Marriage part III: The big day

Leaving the First Unitarian Church of Philadelphia, properly hitched.

It seems that everyone has an opinion about weddings.

It is a touchy subject. Kind of like animal cruelty. People can become very passionate, have heated discussions and even burn friendships. Though to me, these are innocuous subjects.

You could say that weddings are similar to animal cruelty.

I’m not saying I support animal cruelty. In fact, I am against it. In the same vein, I support same-sex marriage. It’s just that on my list of causes that work me into a fervor, these two subjects fall in the same category as the NBA lockout and penis extension junk mail.

How’s that for a lead in?

Anyway, when Lisa and I got married on Nov. 22, 2011 (11/22/11), we did it in a  same day civil ceremony at the Philadelphia First Unitarian Church.

It cost $150 and Pastor Nate conducted a perfect service.

Pastor Nathan Walker performing the service.

But many people had opinions. Some were insulted they weren’t invited to a) the wedding; b) the open house ; or c) the 2nd open house. Some people told Lisa that I would be insulted if she didn’t wear a white dress.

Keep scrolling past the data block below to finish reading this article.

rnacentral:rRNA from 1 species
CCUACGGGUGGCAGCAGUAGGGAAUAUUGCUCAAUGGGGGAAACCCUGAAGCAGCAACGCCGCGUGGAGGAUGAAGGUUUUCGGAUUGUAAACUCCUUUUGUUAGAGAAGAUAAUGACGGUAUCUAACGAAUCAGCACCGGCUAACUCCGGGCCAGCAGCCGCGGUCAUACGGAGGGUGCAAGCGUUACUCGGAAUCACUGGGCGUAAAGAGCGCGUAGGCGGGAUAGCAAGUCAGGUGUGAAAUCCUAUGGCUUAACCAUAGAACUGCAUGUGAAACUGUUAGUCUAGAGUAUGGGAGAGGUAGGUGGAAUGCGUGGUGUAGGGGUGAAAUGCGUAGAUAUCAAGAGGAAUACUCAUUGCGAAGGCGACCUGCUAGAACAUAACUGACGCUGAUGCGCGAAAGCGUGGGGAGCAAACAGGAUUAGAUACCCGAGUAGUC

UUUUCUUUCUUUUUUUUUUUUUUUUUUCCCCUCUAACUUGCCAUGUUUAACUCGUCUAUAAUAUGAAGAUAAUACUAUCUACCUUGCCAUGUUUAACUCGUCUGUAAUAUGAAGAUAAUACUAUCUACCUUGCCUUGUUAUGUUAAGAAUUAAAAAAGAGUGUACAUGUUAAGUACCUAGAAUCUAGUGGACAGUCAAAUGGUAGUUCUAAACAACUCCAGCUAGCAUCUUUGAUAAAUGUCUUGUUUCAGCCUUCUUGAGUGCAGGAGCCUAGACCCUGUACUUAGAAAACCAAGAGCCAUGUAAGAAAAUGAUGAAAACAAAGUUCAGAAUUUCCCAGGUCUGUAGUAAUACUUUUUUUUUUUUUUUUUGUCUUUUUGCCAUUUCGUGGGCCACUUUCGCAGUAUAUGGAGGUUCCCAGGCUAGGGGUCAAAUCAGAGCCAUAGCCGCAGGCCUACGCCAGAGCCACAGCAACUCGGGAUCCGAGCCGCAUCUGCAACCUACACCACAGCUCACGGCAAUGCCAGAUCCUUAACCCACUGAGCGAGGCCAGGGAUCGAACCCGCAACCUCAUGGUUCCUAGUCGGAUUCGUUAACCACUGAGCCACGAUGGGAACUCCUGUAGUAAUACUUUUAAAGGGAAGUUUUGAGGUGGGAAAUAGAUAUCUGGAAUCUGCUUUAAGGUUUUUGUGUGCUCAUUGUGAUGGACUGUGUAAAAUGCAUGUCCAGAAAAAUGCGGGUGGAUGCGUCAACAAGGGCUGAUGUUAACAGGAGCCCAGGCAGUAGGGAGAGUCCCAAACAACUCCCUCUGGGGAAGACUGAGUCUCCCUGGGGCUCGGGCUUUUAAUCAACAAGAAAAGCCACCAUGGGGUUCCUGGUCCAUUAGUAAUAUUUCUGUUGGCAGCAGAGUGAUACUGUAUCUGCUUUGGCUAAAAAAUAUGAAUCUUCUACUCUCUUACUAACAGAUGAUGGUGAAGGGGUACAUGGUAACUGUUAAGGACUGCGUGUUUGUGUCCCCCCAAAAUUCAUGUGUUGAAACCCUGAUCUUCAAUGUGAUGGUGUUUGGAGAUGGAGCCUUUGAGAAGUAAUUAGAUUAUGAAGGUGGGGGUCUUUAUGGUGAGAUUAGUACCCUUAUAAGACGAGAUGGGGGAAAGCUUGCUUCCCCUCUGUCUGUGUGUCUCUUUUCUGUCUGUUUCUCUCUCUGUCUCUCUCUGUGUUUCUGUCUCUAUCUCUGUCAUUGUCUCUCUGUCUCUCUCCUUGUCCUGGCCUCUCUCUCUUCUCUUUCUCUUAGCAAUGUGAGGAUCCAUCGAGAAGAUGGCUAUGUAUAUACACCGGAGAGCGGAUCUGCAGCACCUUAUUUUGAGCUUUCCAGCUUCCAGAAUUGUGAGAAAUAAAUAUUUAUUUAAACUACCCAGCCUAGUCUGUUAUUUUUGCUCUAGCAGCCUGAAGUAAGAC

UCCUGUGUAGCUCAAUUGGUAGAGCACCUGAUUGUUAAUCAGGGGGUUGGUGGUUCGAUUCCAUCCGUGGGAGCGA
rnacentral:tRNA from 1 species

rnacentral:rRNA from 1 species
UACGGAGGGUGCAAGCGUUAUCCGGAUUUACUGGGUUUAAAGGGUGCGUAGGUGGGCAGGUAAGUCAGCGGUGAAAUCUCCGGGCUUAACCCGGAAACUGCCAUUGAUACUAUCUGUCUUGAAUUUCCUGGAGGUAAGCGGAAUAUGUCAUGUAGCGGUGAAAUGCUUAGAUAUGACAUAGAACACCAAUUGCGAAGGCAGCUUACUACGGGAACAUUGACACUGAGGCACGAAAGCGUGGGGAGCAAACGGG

These are the people who don’t know us. The people who we really know and love, wouldn’t have expected less than a super secret wedding in the Andes. Those who don’t know us thought we needed a grand ceremony in a church before God, grandma and gargoyles.

All along, I just wanted the wedding to be the two of us. Since Lisa’s parents couldn’t be there, I didn’t feel it was right if I had family in attendance. And since my family couldn’t be there, I felt it would be inappropriate to have anybody else in attendance.

It kind of goes with the all or nothing principal.

Well, this wasn’t just my wedding. It was Lisa’s as well.

Three of her close friends invited themselves to the nuptials. I tried to put my foot down, but it had as much effect as stomping on a trampoline with jelly sandals.

So they were there, as was another friend who agreed to act as the photographer. And in the end, it was nice to have them with us. They were very respectful, supportive and it was refreshing to have someone to share in our moment.

Even if I cried through the whole damn thing.

Sniffle, sniffle.

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